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Posts tagged "Landlord/Tenant"

Can a commercial tenant negotiate a personal guarantee?

Plenty of rental property owners here in California have ended up not receiving the monies promised in leases. In fact, some landlords end up discovering that a tenant broke the lease and moved out in the middle of night. For these reasons, many of them now require prospective tenants to sign personal guarantees, which make them personally liable for the rental payments outlined in their leases. A commercial tenant essentially ends up paying for the bad acts of those who came before them.

Attracting a commercial tenant means more office amenities

It is possible retail property owners here in California and elsewhere are already used to providing more for their prospective renters these days. Now, it appears that those who own office buildings may need to step up their game as well in order to attract tenants. These days, a commercial tenant expects more amenities when renting office space. 

What happens when a landlord breaches a lease agreement?

Not all rental relationships work out as intended. In a perfect world, each party will fulfill his or her obligations under the lease, but that does not always happen. When an Orange County commercial tenant believes that a landlord has breached the lease, gaining an understanding of the legal options available becomes a priority.

A landlord needs to handle CAMs carefully

Renting space in shopping centers can be a lucrative business. Part of the rental process is passing on common area maintenance costs. An Orange County entrepreneur looking to become a landlord to retail establishments and restaurants needs to understand what CAMs entail and know how to handle them so as not to make things overly complicated.

A commercial tenant shouldn't hesitate to check out a landlord

When looking for a space in which to operate a business, a California entrepreneur expects property owners to check him or her out. Background checks that include criminal, rental and financial histories are fairly commonplace these days. What a commercial tenant may not realize is that he or she can also check out the landlord to make sure that renting from a particular property owner would be a good fit.

Insurance is an important part of being a landlord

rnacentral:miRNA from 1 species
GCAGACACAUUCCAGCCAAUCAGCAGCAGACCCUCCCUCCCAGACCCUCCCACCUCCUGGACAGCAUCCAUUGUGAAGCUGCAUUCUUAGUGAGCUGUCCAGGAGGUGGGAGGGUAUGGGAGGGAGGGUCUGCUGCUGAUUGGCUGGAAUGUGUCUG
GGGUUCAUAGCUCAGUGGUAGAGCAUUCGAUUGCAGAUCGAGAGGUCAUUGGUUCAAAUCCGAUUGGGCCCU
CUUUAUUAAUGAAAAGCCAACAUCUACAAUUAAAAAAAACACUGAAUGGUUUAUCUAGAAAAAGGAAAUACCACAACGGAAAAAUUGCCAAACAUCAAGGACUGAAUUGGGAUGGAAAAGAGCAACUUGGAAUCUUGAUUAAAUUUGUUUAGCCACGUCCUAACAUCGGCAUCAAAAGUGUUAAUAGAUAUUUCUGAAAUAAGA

Orange County property owners choose certain locations in order to maximize their investments. After making sure that a particular property is attractive to potential tenants, a future landlord needs to protect it. This means obtaining the proper insurance coverage.

Attracting a commercial tenant may require some concessions

Property owners and developers here in Orange County could find themselves hunting for renters at times. During these times, landlords could need to "sweeten the pot" in order to keep their properties full. This often means making concessions to a prospective commercial tenant.

Key differences between a residential and a commercial tenant

Like many other states, California views matters differently when it comes to renting property to an individual as opposed to a business. Individuals are given certain protections that a commercial tenant would not receive. Before renting a commercial property, it would be a good idea to understand some of the differences, especially if a new venture is just entering into this rental market.

Zoning issues a potential commercial tenant may watch for

Finding the right property to rent can present a struggle to some business owners. In addition to the ordinary concerns a potential commercial tenant may have, other issues could require close attention. This could be true for zoning issues that might prevent a tenant from using the property as desired.

When a commercial tenant and landlord don't get along

You may believe that since your lease outlines all of the rights and responsibilities of the parties, that everything will be smooth sailing. After all, you spent a significant amount of time negotiating it, so everyone should live up to his or her obligations. Sadly, that is not always the case whether here in Orange County or elsewhere. A commercial tenant and a landlord do not always get along.